Anita HARRIS is a Research Professor in the Alfred Deakin Institute for Citizenship and Globalisation at Deakin University, Melbourne. Anita is a leading expert in critical youth studies, with a particular interest in youth identities and youth cultures; youth, mobility and multiculturalism; young people’s civic lives and citizenship practices; and girlhood studies. She has most recently published on young people and everyday multiculturalism, young people’s urban multicultures, and citizenship among young Muslim Australians.
Loretta BALDASSAR is Professor of Anthropology and Sociology at the University of Western Australia and an Adjunct Principal Research Fellow at Monash University. Loretta is a leading global expert on transnational migrants, families and caregiving, and migration and ICTs. Her scholarship has focused on young migrants through studies of second generations as well as study abroad and intercultural learning. A leading scholar of the Italian diaspora in Australia, she has most recently published an edited collection on Chinese migration to Europe.
Shanthi ROBERTSON is an Associate Professor at the Institute for Culture and Society at Western Sydney University. Shanthi’s research interests centre on migration, transnationalism, citizenship and urban space, particularly the social, cultural and political consequences of contemporary modes of migration governance in the Asia-Pacific. She has most recently published on student-migrants and the education-migration nexus in Australia and is currently completing a three year early career research fellowship (ARC DECRA) on temporality, mobility and young Asian temporary migrants to Australia.
Johanne ELDRIDGE is a first-generation young adult migrant from the United Kingdom, and PhD candidate in Anthropology and Sociology at the University of Western Australia.
Her interdisciplinary research backgrounds in psychology, public health, and sociology/anthropology focus upon identifying the adverse effects of transnational youth mobility (e.g. psychosocial isolation, discrimination, and sense of disconnect); and whether the protective role(s) of social and familial relationships maximize life chances and wellbeing that are crucial to their engagement as positive transnational citizens throughout the life-course.
Giulia MARCHETTI is a PhD candidate in Anthropology and Sociology at the University of Western Australia. Her research project will examine how transnational mobility can impact on identity and youth-to-adulthood transition among young Italians who have moved to Australia and those who have returned to Italy. Giulia’s research interests centre on migration, refugees, racism, women, youth and ageing population in Italy.
Yan WANG is a PhD candidate at the Institute of Culture and Society, Western Sydney University. Her research project will focus on transnational mobility among Australian youth who move to China, and the Chinese young people who move to Australia. Yan is passionate about contributing to the development of theory in relation to migration, youth and ageing population in China, as well as reforms in public policy and social welfare. She has a Masters of Research in Management at Lanzhou University and a Bachelor in Economics at Lanzhou University of Finance and Economics.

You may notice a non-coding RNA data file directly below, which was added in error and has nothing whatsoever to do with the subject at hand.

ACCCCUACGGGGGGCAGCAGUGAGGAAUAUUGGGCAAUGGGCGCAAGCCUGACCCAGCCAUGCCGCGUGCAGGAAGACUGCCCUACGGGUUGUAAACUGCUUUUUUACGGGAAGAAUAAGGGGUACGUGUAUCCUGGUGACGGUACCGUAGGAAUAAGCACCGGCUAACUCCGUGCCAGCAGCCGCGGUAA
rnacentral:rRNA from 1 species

Hao ZHENG is a PhD student in the Alfred Deakin Institute for Citizenship and Globalisation at Deakin University. Her research project explores Chinese lesbian students’ transition to adulthood in Australia. She focuses on this particular group’s intersectional identities as lesbians, women, international students and migrants. Hao’s research interests are in the areas of gender and sexuality, intersectionality, Chinese lesbianism and multicultural communities. She completed a Bachelor of Arts (Honours) in Cultural Studies at the University of Melbourne. Her honours thesis examines Chinese lesbians’ double marginalisation in the digital era.
Simon CHAMBERS' research background is in cultural sociology and the application of methodologies which bring together quantitative and qualitative analysis in a complementary manner. A consultant at APRA AMCOS and the Australian Music Centre, he has also worked on a range of ARC projects spanning the dynamics of Australian cultural fields, the value of music exports and the development of personalised recommendation algorithms. His recently submitted PhD examined the notion of distance in the similarity and familiarity of music.
Shirin TEJANI brings extensive survey experience to this position, from working as a door-to-door surveyor and managing large-scale state-wide surveys with 100 surveyors and multiple instruments. She is trained in both quantitative and qualitative research, and hopes to apply her training and qualifications towards making a strong contribute to the YMAP project. Her research interests include education policy, economics of education, and behavioural economics.
Prior to joining the YMAP team, Anna VASSADIS worked as a research assistant and in research administration on a wide range of research projects. She has a PhD in Sociology and is experienced with qualitative research methodologies. Anna’s research interests include ethnicity, ethnic identity and culture, multiculturalism and migration. She also thoroughly enjoys providing technical and operational support for research activity.